The Safari turned up at work this morning in mild sunshine to see that a Poppy had flowered on the edge of the rough path near the car-park.
It reminded us what day it was today and we thought about how absolutely terrified we'd have been had we been there hearing the machine gun bullets rattlinng off the door of the landing craft that was about to be lowered and let us out and them in...we're a sensitive soul and not the bravest of folks at the best of times.
Our next door neighbour was there, he died a few weeks ago with a piece of shrapnel still lodged in his back. Richard was taught to drive by being shown how to reverse an army truck into a certain sized space - a few short weeks later he was reversing his trucks side by side onto one of those landing craft and was ready to drive them off at the other end of the journey.
Today we salute his many fallen comrades who did what they had to to end a tyranny and give us the freedoms we now take for granted.
Patch 2 was dire, a cold but calmer empty sea, there was nothing out there apart from a couple of Common Terns from the colony in the docks round the corner down the river.
A lengthy morning had us wishing to get out again, if only for some fresh air. The time came and out we went. It was no better, we scanned this way and that seeing nothing but a few gulls on the beach and a couple resting on the gentle waves behind the almost non-existant surf. About to give up we scanned one more time and thought we saw a dark shape, perhaps the fin of a Harbour Porpoise, then we saw it again - not a porpoise but a Bottle Nosed Dolphin!!! Game on, and then there was another, smaller - a fairly well grown calf perhaps. The next half hour was pure and unadulterated joy with breaches, headstands, tail-slaps. In the end we counted at least five and maybe as many as seven. They stuck around long enough for a friend to drive down and join us and we also got a passing family on to them - to the usual 'What??? Dolphins you don't get them round here do you?'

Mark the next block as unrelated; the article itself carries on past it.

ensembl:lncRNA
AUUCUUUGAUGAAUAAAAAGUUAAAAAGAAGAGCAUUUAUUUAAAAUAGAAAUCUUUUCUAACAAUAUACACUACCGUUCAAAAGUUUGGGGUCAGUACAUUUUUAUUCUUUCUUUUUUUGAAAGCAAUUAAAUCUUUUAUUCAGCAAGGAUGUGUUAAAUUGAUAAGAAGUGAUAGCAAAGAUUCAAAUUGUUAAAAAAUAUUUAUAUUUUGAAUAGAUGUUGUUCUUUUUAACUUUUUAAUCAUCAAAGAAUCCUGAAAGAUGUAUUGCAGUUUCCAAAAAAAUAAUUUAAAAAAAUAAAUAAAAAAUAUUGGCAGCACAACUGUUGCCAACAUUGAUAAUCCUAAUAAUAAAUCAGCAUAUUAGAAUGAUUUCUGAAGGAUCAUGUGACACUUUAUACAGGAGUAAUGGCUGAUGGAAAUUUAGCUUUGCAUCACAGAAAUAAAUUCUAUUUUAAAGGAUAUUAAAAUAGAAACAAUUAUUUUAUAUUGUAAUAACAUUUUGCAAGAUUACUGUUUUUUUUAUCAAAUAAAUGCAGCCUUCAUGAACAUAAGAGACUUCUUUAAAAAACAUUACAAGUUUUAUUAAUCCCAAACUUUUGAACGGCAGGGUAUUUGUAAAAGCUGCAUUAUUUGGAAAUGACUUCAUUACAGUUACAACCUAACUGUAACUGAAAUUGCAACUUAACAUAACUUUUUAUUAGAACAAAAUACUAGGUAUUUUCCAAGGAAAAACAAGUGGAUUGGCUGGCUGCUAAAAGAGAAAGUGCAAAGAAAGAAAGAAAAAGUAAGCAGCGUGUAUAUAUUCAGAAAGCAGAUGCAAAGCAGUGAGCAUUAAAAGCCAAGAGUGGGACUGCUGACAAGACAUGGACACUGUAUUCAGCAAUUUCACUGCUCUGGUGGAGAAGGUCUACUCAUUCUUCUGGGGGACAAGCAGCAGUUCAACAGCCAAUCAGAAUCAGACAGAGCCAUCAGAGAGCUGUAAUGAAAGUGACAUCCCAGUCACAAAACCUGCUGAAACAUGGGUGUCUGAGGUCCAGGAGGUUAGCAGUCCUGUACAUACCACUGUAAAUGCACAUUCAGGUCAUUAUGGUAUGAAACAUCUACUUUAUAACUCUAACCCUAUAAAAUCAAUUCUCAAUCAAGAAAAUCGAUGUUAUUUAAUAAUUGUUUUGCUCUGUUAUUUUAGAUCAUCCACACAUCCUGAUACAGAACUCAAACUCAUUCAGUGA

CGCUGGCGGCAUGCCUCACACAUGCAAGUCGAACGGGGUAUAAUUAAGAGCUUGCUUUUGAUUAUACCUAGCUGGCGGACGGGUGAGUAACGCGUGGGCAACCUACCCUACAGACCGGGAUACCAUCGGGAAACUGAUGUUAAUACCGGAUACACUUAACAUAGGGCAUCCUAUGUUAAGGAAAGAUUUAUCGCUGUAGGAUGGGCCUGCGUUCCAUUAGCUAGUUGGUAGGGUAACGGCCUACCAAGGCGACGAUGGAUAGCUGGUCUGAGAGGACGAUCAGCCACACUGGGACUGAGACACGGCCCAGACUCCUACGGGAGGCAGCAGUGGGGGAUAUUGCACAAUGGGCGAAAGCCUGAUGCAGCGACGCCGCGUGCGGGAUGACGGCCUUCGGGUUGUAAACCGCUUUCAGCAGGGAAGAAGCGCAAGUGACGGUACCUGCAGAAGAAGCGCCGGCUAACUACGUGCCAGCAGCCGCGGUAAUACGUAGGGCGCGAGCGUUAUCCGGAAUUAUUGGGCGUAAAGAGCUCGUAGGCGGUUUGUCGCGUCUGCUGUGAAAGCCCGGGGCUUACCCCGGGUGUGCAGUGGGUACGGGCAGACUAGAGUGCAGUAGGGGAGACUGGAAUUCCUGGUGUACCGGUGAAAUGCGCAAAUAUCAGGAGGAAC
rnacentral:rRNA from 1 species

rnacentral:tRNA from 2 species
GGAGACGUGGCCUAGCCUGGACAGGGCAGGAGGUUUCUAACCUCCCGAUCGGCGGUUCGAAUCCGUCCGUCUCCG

A Grey Seal was completed upstaged by the other mammals and birds were eventually represented by a flock of 10 Shelducks and tow flocks of about 15 Common Scoters each.
Unfortunately all the action was far too far out for any hope of photos.
Our afternoon at work wouldn't go fast enough either as we had a mission to complete - a bit of a treat for helping out at an event recently.
The appointed hour came and we made our way to the zoo where we were taken to feed the Giraffes - what fantastic creatures, we've always had a soft spot for them ever since Daktari and Animal Magic (if your under 45/50 you'll have to use that new fangled google thingy). we don't know what it is about them, is it the bizarre patterns that are actually fantastic camouflage in their natural habitat, where we'd love to see them one day, or the bizarre gait that makes them look like their moving in slow motion but can easily out run a horse, maybe it's the blue prehensile tongue or perhaps just their calm enigmatic face? whatever it is they sure are wonderful animals and we were privileged to be able to feed them...Brambles and Nettles!!!
Thanks to our host LS for taking all the pics.
After all the excitement we stopped off on the way back to Base Camp and went to search for the lcal Bee Orchids.
What a quality day...and then we were told Wifey had some great news too! Time to crack open the Champers!
Where to next? No moth trapping tonight, rain forecast but we might find something somewhere tomorrow.
In the meantime let us know who's browsing on the browse in your outback